Heritage meets modernity

Heritage meets modernity

A Dh480-million traditional mountain village is fast rising up from a difficult terrain, taking the shape of a beautiful top-end resort in the peaceful city of Khorfakkan.



By Lily B. Libo-on (About Sharjah)

Published: Fri 29 Mar 2013, 11:12 PM

Last updated: Sat 4 Apr 2015, 8:32 AM

The Sharjah Investment and Development Authority (Shurooq) CEO Marwan bin Jassim Al Sarkal said the development, which was long overdue, would definitely put Khorfakkan on the tourist map, making the city one of the leading tourist cities on the UAE’s East Coast.

Al Sarkal said that with the three-quarters finished Chedi Khorfakkan Resort, as with every project undertaken by Shurooq, the goal was the development of Sharjah. “Khorfakkan is an area rich in history and heritage that has been too long overlooked. We envision development putting Khorfakkan on the map, so when you visit the resort, you will know you are in Khorfakkan.”

What ultimately will make the resort stand out is its highly original and intelligent design, which merges the natural surrounding elements of the desert with modern-day amenities. The project has already garnered widespread international acclaim, having been awarded the Hospitality and Leisure Destination of the Year Award at the prestigious annual Middle East Architect Awards 2012.

“We are very pleased with the way it is unfolding. The Chedi Khorfakkan Resort is progressing right on schedule. At this point in time the overall scheme design is at 75 per cent. We are also working on the tender documents for the initial construction phases,” Al Sarkal said.

The project design was a challenge, with the designated architects making full use of all the technology available, to turn the highly complex site into one with a traditional feel.

Once completed, Chedi Khorfakkan Resort will feature two interlinked sections comprising a fort, to be open to the public, and a resort consisting of 106 suites and one royal villa. The main reception, lobby and all-day dining restaurant are located in the grand fort, inspired by nearby Khorfakkan fort. Additionally, the Chedi Khorfakkan Resort will also offer a spa, gym, tennis courts, adult pool, family pool, kids club, water activities and restaurant.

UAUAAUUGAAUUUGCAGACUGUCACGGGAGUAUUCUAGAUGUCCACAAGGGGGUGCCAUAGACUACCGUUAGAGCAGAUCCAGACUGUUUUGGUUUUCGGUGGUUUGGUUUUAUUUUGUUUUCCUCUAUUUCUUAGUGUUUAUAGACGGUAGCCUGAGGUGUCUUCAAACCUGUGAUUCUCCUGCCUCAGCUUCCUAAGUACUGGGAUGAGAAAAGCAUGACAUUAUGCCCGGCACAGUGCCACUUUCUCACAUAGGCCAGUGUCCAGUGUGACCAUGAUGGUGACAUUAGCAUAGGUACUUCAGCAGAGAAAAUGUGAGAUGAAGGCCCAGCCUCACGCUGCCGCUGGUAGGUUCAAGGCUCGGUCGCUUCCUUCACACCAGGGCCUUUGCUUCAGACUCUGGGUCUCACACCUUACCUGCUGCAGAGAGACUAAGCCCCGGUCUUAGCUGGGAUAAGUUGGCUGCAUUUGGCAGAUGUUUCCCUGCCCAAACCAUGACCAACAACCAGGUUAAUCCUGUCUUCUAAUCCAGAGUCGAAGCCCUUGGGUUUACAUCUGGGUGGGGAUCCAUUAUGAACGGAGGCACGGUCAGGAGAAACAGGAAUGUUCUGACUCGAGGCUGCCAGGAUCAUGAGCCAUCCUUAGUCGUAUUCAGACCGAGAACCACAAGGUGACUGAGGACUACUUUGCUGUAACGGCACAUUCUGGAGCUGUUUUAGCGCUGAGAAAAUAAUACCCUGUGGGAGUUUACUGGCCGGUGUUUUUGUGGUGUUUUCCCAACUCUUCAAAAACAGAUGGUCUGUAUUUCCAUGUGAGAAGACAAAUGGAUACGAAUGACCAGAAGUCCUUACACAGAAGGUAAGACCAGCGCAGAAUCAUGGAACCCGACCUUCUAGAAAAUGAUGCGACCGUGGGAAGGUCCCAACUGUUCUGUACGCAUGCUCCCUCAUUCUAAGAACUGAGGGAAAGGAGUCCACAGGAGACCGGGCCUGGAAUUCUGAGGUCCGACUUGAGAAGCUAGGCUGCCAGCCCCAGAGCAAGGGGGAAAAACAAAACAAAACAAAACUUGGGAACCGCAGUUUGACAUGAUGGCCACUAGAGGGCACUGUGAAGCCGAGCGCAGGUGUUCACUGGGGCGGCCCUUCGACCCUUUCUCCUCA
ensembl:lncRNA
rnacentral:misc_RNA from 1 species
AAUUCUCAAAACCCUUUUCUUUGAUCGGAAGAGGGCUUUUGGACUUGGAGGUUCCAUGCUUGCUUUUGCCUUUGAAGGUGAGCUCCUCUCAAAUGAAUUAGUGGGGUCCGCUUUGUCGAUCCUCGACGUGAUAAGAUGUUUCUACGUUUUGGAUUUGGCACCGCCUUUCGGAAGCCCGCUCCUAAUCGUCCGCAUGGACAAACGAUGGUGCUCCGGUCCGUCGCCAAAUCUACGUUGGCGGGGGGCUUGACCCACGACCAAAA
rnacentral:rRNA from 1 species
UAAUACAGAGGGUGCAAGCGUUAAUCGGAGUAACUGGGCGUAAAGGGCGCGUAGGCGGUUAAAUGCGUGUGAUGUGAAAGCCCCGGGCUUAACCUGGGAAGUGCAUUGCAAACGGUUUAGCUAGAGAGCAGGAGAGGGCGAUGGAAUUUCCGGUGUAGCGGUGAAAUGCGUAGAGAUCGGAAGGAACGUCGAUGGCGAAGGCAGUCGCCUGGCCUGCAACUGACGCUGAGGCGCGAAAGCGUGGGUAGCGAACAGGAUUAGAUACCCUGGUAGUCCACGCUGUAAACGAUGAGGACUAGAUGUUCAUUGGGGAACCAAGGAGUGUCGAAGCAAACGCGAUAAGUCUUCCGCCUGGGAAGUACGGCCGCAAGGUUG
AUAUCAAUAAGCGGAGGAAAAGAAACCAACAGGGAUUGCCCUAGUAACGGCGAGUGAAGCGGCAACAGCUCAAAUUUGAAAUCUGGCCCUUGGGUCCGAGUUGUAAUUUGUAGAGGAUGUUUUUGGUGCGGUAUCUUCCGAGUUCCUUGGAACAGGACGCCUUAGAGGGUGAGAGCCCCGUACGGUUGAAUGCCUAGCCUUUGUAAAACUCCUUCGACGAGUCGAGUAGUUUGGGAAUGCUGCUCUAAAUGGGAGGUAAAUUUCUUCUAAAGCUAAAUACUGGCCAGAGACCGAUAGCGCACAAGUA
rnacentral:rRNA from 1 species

The resort is expected to be completed by the third quarter of 2015. “The site and design brief, which calls for as small an environmental impact as possible, has made this a highly intricate development,” Al Sarkal said.

Families and couples from the GCC and international visitors from across the world are expected to patronise, while the suites are designed to function individually or as clusters, allowing the resort to cater to large family groups, something greatly lacking and needed in the region, Al Sarkal said.

“We believe this development as well as our corniche project will contribute greatly to the city and its residents, as they will attract tourists, improve the economy and provide jobs for the community.”

The ongoing project has stirred the hearts of many holiday seekers. Emirati Ali Al Suwaidi said that his family would stay for days in Khorfakkan once the traditional mountain villa was open. “My family has been spending a day or two in Khorfakkan on Eid, but this time, we can now plan for a longer family holiday on school vacation. I look forward to be among the first Emiratis to spend time there during the first hundred days of Chedi Khorfakkan Resort.”

Italian couple Pasquale and Abele Adduci, who have been in Sharjah for over a week undertaking marine research, said that exploring the East Coast would be more extensive if researchers have a place to stay for weeks in the protected area.

lily@khaleejtimes.com


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